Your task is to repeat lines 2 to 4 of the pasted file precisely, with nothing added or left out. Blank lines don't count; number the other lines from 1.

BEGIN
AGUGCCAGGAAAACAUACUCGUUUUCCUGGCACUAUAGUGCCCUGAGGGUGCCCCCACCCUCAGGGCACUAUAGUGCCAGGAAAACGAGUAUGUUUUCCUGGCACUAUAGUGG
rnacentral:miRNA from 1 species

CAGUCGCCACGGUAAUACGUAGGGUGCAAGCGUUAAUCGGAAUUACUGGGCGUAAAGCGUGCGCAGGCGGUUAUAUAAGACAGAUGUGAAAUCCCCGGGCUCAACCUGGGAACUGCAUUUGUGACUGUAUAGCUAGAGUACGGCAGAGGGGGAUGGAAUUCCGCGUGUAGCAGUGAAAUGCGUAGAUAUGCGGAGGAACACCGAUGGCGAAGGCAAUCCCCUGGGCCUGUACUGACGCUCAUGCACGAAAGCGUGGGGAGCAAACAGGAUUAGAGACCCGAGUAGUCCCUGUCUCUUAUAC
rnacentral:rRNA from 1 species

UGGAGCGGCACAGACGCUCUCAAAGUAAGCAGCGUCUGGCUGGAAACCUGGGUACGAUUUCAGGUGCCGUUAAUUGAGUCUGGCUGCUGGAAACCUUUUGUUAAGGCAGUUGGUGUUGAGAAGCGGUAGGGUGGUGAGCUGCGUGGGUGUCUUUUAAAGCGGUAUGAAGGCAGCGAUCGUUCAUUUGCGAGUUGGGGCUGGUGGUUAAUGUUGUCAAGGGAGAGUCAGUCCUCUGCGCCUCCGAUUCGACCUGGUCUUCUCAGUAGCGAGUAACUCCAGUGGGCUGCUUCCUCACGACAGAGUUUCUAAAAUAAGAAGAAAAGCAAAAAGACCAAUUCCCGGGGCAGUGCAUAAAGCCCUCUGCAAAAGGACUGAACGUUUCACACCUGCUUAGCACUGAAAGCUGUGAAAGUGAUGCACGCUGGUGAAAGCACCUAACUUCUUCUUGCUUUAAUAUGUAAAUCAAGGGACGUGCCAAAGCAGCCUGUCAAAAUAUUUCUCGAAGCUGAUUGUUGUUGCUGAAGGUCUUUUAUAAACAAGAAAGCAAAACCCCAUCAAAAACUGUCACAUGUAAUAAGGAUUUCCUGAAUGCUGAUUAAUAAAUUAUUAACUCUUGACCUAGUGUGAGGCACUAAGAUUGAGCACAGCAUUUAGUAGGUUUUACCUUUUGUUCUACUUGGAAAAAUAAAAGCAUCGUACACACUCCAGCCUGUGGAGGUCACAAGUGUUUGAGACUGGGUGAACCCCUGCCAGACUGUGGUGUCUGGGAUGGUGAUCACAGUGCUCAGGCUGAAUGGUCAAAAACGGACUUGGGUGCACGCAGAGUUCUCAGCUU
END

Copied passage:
rnacentral:miRNA from 1 species

CAGUCGCCACGGUAAUACGUAGGGUGCAAGCGUUAAUCGGAAUUACUGGGCGUAAAGCGUGCGCAGGCGGUUAUAUAAGACAGAUGUGAAAUCCCCGGGCUCAACCUGGGAACUGCAUUUGUGACUGUAUAGCUAGAGUACGGCAGAGGGGGAUGGAAUUCCGCGUGUAGCAGUGAAAUGCGUAGAUAUGCGGAGGAACACCGAUGGCGAAGGCAAUCCCCUGGGCCUGUACUGACGCUCAUGCACGAAAGCGUGGGGAGCAAACAGGAUUAGAGACCCGAGUAGUCCCUGUCUCUUAUAC
rnacentral:rRNA from 1 species